Drought 2013

Indications of stress to crops continues as the moderate drought continues

Drought 2013

by Jason Madison

State climatologists predict the current drought could continue through the rest of the year in Iowa. Mahaska County is 8 to 12 inches under the amount of moisture needed for this time of year.

As CRI’s Jason Madison reports, in case the rain doesn’t add up in the next months, officials say some residents should consider cutting back on the amount of water used NOW instead of later.

“If we can compare the starting of last year to the starting of this year, we’re much worse off now than we were then.”, says Bob Wells.

Iowa State University Extension Field Specialist Bob Wells has lived and worked in Oskaloosa for 11 years and say’s the county has seen better days.

” They tend to cycle about every 20 to 25 years and it go into a dry cycle. And we are in that now. The problem is we don’t know how long it’s going to last.”

As of Thursday this week, the U.S. Drought Monitor rates Mahaska County in the Moderate area unlike the northwest portion of the state where conditions range from extreme to exceptional.

“This drought started back in the early fall of 2011 and they are thinking that it will probably stretch out through the fall of 2013.”, says Chad Coon

Coon mentioned residents shouldn’t be up in arms about an extended drought just yet. The city draws it’s water from a aquifer next to the South Skunk River. An aquifer is a body of rock or sediment that stores and transmits large amounts of groundwater. The river helps recharge the underground aquifer even when the river bed appears dry. Every week the water department tests the aquifer’s level.

“We really haven’t seen a noticeable drop as we’ve been running those numbers. Even through the fall when we weren’t getting much rain.”, Coon added.

That’s because Oskaloosa has the advantage of living down stream from larger communities such as Ames and Newton where excess water travels south and recharges our aquifer. Even with those facts calming some nerves Coon says he’s considering a contingency plan.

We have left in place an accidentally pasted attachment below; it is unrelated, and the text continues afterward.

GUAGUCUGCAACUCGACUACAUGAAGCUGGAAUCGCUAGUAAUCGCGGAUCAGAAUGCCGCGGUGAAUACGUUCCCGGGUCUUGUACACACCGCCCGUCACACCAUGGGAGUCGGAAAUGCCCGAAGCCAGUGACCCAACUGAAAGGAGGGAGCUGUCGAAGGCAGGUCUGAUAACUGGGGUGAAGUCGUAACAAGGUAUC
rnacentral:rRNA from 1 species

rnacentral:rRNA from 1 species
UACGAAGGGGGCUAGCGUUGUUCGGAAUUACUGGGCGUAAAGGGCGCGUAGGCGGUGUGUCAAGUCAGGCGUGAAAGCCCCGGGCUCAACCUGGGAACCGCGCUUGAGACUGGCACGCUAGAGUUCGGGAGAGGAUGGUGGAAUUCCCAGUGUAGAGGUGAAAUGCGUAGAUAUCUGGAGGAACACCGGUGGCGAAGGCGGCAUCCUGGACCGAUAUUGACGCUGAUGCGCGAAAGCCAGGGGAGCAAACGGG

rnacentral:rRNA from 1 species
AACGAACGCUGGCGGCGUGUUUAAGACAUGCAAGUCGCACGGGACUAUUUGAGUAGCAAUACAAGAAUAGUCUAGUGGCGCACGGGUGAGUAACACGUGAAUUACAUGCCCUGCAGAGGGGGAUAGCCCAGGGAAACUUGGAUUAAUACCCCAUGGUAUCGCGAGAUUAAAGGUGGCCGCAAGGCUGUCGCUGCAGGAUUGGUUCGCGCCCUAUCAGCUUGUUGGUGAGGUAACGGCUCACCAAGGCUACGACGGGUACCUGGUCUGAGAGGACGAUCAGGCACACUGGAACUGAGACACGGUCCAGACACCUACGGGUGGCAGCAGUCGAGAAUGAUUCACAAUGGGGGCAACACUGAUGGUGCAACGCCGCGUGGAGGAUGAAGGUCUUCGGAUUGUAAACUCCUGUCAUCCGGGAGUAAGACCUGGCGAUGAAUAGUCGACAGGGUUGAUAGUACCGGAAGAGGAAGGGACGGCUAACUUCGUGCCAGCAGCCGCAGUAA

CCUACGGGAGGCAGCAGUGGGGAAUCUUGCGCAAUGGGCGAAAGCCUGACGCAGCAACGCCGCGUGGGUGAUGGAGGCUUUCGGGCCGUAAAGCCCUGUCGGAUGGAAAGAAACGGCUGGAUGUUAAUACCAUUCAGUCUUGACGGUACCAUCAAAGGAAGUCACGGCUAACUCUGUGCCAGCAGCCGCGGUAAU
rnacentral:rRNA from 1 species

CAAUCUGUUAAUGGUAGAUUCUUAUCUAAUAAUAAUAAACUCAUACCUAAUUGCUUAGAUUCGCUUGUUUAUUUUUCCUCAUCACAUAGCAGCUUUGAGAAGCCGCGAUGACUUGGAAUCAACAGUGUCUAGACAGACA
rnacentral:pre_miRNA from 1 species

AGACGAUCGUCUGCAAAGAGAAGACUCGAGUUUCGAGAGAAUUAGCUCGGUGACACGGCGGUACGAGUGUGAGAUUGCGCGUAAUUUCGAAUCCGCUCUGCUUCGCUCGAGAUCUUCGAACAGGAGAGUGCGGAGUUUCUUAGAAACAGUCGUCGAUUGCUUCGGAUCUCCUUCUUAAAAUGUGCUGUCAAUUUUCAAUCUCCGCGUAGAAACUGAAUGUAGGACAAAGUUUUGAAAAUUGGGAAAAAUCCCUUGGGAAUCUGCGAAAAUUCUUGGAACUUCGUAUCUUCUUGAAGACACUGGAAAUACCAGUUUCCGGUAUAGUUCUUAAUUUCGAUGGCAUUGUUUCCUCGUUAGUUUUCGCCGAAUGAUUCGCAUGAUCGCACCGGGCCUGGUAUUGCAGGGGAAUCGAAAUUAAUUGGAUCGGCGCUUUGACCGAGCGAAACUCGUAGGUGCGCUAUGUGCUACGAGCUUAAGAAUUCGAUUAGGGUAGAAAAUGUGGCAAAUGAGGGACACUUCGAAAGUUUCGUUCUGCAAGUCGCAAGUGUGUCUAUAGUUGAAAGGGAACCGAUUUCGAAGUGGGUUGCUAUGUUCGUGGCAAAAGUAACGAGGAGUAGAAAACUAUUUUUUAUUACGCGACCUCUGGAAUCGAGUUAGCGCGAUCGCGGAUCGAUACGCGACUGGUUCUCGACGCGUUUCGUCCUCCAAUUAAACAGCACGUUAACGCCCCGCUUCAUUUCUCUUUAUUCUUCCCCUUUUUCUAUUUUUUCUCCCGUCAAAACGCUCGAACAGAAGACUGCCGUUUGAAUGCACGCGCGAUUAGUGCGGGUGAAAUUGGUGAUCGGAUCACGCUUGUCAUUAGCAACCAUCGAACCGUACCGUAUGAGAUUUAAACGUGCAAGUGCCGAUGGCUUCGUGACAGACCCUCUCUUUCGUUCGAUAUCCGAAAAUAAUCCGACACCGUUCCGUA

“We need to be looking into a conservation plan and what we have and what we need to be putting into affect if the time comes that we say we’ve got to cut back on what we are doing.”, Coon says.

Within the city limits consumers can better their odds in case of a drought by investing in low flow fixture and appliances for example say’s Coon. However in rural areas it’s not as easy as that.

“In cities and the big cities they always talk about cutting back watering grass and lawns. We don’t see much of that.”, says Randy Pleima.

Mahaska Rural Water System Manager, Randy Pleima, told CRI the amount of water used increases during the warmer months because of livestock and crops.

“We can’t tell a pig, or animal, or cattle not to drink more water. So we want to be prepared to serve everybody’s need.”, Pleima added.

To combat the high usage the Mahaska Rural Water System has added two additional wells to its current four. Last summer the business was operating on all four of its wells instead of the normal three.

Pleima said, “We took a proactive stance and drilled two more. Started in September they are now just finishing up. I think we can have the go ahead to start using them next week. So that way we can always run four wells and have two at rest. Spread the usage out over a bigger area and if we have trouble with one well we have plenty of back up.”

Both plants are equipped to handle a possible drought, but Wells says it’s important for residents to know how a long drought could affect the local water supply.

“We just need to be aware that we don’t have a abundance of water right now in Iowa. We haven’t gotten into mandatory rationing. It’s just common since for everybody to reduce their consumption if they can.”, says Wells.

For tips on how to start conserving water visit the Mahaska Country Iowa State Extension Office online at extension.iastate.edu/mahaska. Or call 641-373-5841.

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